Williamsons Sapsucker (Sphyrapicus thyroideus)

Williamsons Sapsucker

[order] PICIFORMES | [family] Picidae | [latin] Sphyrapicus thyroideus | [UK] Williamsons Sapsucker | [FR] Pic de l’Ouest | [DE] Kiefern-Saftlecker | [ES] Chupasavia Oscura (Mex) | [NL] Bergsapspecht


Genus Species subspecies Breeding Range Breeding Range 2 Non Breeding Range
Sphyrapicus thyroideus NA w Mexico
Sphyrapicus thyroideus nataliae se British Columbia (Canada) through wc USA to sc Mexico
Sphyrapicus thyroideus thyroideus s British Columbia (Canada) to n Baja California (Mexico) to n Mexico

Physical charateristics

Male: Black crown, black back, long white shoulder patch. Note white facial stripes, red throat, yellow belly. In flight, black with white rump and shoulder patches. b Female: A brownish,i
“zebra-backed” woodpecker with a white rump, i barred sides, brown head, yellow belly. This coloration and its evergreen habitat separate it from other zebra-backed woodpeckers.

Listen to the sound of Williamsons Sapsucker

[audio:http://www.aviflevoland.nl/sounddb/W/Williamsons Sapsucker.mp3]

Copyright remark: Most sounds derived from xeno-canto

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North America : West


Higher conifer forests, burn
In summer, found in mountains in conifer forests including spruce, fir, and lodgepole pine; also in aspen groves near conifers. Winters mostly in pine and pine-oak woodland in mountains. Even those few that wander to lowlands in winter are likely to be f
ound in conifers.


Courtship displays include exaggerated floating and fluttering flight near nest site, and members of pair facing each other while bobbing and swinging heads.
b Nest: Site is cavity in tree, often in aspen, pine, or fir, usually 5-
60′ above ground. Favors trees with dead heartwood and live outer layer, and may return to dig new nest holes in same tree year after year. Excavation of cavity is by male. No nest material other than wood chips in bottom of cavity.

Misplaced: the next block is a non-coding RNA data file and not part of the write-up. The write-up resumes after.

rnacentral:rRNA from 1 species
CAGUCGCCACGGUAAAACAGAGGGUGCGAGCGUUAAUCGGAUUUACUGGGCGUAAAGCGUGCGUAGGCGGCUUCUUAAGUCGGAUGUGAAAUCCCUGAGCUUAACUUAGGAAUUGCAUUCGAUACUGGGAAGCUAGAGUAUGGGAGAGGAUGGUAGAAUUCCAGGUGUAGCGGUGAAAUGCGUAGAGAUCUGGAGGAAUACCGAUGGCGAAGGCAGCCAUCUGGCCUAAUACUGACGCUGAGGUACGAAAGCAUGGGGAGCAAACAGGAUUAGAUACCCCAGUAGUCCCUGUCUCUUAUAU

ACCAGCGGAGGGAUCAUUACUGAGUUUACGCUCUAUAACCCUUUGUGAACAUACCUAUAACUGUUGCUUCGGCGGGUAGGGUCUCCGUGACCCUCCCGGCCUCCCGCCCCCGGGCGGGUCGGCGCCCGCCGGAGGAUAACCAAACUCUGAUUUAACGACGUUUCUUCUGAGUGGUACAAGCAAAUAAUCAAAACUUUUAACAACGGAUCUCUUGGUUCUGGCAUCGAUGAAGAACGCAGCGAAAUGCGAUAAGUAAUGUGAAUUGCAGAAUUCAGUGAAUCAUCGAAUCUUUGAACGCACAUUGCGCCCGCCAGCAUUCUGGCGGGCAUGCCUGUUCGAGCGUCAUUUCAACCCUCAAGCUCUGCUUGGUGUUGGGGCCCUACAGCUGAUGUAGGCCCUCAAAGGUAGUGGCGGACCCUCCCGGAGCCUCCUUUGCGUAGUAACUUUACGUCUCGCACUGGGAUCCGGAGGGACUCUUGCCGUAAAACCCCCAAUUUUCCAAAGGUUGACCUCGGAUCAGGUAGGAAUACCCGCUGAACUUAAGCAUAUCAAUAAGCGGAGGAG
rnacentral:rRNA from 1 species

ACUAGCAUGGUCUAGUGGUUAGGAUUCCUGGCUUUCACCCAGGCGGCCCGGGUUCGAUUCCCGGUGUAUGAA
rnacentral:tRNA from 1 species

b Eggs: 4-5, sometimes 3-7. White. Incubation is by both sexes (with male incubating at night and part of day), 12-14 days.
b Young: Both parents feed young, carrying food in bill and throat; young are fed mostly ants. Young leave nest 3-4 weeks after hatching, may disperse from territory very soon afterward. Apparently 1 brood per year.

Feeding habits

Includes insects, tree sap, fruit. Eats many kinds of in
sects; ants may form a very high percentage of diet during breeding season. Also feeds heavily on tree sap and eats some small fruits and berries.
b Behavior:
Has typical sapsucker habit of drilling sap wells, rows of shallow holes in bark; the bird returns repeatedly to feed on oozing sap and on insects attracted to the sap. Also takes insects gleaned elsewhere in trees, sometimes catches insects in the air o
r on ground, and perches among twigs to eat berries.


This species has a very large range, and hence does not approach the thresholds for Vulnerable under the range size criterion (Extent of Occurrence <20,000 km2 combined with a declining or fluctuating range size, habitat extent/quality, or population size and a small number of locations or severe fragmentation). The population trend appears to be stable, and hence the species does not approach the thresholds for Vulnerable under the population trend criterion (>30% decline over ten years or three generations). The population size is very large, and hence does not approach the thresholds for Vulnerable under the population size criterion (<10,000 mature individuals with a continuing decline estimated to be >10% in ten years or three generations, or with a specified population structure). For these reasons the species is evaluated as Least Concern.
Williamsons Sapsucker status Least Concern


Southeastern British Columbia, western United States. Winters into northern Mexico. b Migration:
Seems to migrate along mountain ranges, wintering at upper elevations, as far south as west-central Mexico. A few move to lowlands; has wandered east to Louisiana. Females may winter a little farther south than males, on average.

Distribution map

Williamsons Sapsucker distribution range map

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